Embracing a recommendation of the recently formed Disability History Association, the AHA Council has added a new category to the checklist of specialties that is part of our membership form. Like African American history and women’s history, which were included in the membership taxonomy formulated in the 1970s, the history of disability is a rapidly growing field that has been embraced by a wide range of historians, including some who are themselves part of the subject they study.
In the essays that follow, three historians reflect on the subject: Douglas Baynton discusses disability as an analytic category, culturally and historically contingent, changing its meanings over time. Catherine Kudlick and Paul Longmore reflect on disability as practice, as infirmity that many of us experience and to which we all are likely to be vulnerable as we age.
Together these reflections raise challenging questions: What hidden assumptions have we made about what counts as an interesting subject of study and analysis? What hidden assumptions have we made about what is needed—besides smarts—to be a historian? What do we count as competence? Do we assess it wisely?
Our fascination with historiography is evidence enough that historians need no persuasion that the subjects we choose to study are themselves historically contingent. As Douglas Baynton wisely observes, the reinvigoration of women’s history in the 1970s and 80s encouraged distrust of oversimplified national narratives. Once the old confidence that we knew what was central and what was marginal was undermined—that women and their experience were most definitely marginal, for example—other exclusions could be seen to have been at work in the construction of historical explanations. Can the history of industrialization be understood without attention to environmental impact? Concepts of fitness, normality, and "common sense," destabilized in the context of women’s history, turn out to be useful signals for a wide range of other subjects—international relations, economic history, and now, the subject of competence itself.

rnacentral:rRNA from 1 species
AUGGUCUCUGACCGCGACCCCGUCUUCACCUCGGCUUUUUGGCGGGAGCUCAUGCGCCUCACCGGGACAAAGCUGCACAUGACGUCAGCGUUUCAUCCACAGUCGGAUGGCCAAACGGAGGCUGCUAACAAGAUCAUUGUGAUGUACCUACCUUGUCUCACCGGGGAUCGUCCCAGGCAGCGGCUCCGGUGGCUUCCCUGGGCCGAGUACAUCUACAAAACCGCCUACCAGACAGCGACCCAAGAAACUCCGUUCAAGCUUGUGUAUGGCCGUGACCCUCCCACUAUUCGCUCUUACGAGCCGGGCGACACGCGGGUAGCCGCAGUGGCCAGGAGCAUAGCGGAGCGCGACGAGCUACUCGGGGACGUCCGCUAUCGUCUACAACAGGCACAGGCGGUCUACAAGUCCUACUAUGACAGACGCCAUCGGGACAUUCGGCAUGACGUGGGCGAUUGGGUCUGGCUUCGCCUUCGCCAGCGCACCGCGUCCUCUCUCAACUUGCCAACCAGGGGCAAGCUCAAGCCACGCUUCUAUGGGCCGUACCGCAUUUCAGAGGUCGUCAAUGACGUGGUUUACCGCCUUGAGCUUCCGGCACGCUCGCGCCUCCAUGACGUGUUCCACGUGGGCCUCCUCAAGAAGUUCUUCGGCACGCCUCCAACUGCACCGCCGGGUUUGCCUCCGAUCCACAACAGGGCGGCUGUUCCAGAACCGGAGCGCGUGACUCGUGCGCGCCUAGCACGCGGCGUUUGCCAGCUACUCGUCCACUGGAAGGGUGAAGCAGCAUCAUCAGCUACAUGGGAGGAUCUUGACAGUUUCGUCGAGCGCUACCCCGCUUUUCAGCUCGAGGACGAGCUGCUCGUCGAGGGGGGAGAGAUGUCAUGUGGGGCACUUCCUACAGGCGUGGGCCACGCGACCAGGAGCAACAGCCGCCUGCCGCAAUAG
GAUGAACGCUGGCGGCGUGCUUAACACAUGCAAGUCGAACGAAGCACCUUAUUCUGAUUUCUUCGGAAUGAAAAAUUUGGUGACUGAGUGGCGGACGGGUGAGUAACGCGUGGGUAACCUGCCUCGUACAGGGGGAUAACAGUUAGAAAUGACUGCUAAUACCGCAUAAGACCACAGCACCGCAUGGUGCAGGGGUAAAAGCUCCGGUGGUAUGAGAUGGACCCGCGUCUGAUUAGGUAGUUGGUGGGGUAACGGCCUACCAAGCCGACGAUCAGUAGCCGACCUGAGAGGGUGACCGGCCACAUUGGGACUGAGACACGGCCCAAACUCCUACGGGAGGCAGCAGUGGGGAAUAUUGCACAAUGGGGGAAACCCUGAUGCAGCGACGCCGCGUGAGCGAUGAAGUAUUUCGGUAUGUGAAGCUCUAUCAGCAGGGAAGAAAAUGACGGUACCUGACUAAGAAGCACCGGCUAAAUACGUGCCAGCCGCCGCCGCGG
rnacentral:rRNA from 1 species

We historians are lucky in our chosen work: maturity is likely to bring strength. Libraries are our laboratories; we rarely get thrown out of them when we retire or our grants run out. It is not difficult to think of many historians who have done their best work late in life; as bodies weaken, wisdom may grow.
But stop the clock at a single moment in time. At that moment, close to 20 percent of the population is being counted by the census as disabled—the figure that Kudlick and Longmore cite in their essay. But at that moment, too, every newborn baby is in need of 24-hour round-the-clock care; they cannot be left unguarded for a moment. As children get older, the need for care will slowly decrease, but it will not be gone fully until they reach 18, or more probably, 20 or, these days, 22 or 24 (think of all the college graduates who return home to live for a while). At the other end of the life course, if one is very lucky, one can reach age 60 or 65 without much need for additional care, but after that the need will increase gradually (again, if one is lucky) from needing help with lawn mowing on to the activities of daily life, throughout the next 20 years or more. At any given moment there are people who are in bed with the flu or hospitalized with ailments. Feminists are fond of emphasizing that women are a majority of the population; far more than 50 percent of the population is in need of some sort of help to get through the day.